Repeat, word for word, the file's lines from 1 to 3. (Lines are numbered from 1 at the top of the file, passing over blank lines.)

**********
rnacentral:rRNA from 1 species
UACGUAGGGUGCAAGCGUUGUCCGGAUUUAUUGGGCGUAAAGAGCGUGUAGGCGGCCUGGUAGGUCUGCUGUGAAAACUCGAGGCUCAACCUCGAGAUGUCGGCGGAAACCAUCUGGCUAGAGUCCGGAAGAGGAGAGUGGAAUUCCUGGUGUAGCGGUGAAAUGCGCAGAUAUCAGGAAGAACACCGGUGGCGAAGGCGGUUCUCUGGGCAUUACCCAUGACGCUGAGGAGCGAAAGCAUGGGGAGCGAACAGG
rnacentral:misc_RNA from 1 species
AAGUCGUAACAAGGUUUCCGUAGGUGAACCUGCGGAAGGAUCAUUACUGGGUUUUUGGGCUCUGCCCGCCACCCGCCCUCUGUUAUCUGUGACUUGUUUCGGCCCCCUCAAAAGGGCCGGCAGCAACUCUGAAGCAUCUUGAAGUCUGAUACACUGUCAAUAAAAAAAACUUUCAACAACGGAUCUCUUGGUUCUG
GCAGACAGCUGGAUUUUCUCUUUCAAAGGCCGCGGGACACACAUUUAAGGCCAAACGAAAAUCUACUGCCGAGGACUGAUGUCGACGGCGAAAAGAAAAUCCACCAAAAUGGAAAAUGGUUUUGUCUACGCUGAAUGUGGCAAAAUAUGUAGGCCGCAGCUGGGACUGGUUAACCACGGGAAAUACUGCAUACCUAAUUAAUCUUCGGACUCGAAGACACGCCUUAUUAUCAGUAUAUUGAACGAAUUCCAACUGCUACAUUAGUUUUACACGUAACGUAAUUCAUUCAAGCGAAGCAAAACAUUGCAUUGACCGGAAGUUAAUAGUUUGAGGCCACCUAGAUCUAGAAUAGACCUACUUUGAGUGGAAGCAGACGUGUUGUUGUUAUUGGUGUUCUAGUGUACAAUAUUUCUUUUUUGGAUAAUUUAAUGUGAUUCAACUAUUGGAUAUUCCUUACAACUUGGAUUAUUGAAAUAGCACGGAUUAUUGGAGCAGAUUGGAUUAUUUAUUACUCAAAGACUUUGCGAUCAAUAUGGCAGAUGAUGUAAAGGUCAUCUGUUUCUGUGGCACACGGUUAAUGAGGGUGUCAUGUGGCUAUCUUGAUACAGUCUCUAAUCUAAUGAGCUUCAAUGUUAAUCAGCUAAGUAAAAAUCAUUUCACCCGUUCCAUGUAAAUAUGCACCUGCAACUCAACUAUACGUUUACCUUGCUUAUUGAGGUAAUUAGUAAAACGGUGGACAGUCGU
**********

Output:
rnacentral:rRNA from 1 species
UACGUAGGGUGCAAGCGUUGUCCGGAUUUAUUGGGCGUAAAGAGCGUGUAGGCGGCCUGGUAGGUCUGCUGUGAAAACUCGAGGCUCAACCUCGAGAUGUCGGCGGAAACCAUCUGGCUAGAGUCCGGAAGAGGAGAGUGGAAUUCCUGGUGUAGCGGUGAAAUGCGCAGAUAUCAGGAAGAACACCGGUGGCGAAGGCGGUUCUCUGGGCAUUACCCAUGACGCUGAGGAGCGAAAGCAUGGGGAGCGAACAGG
rnacentral:misc_RNA from 1 species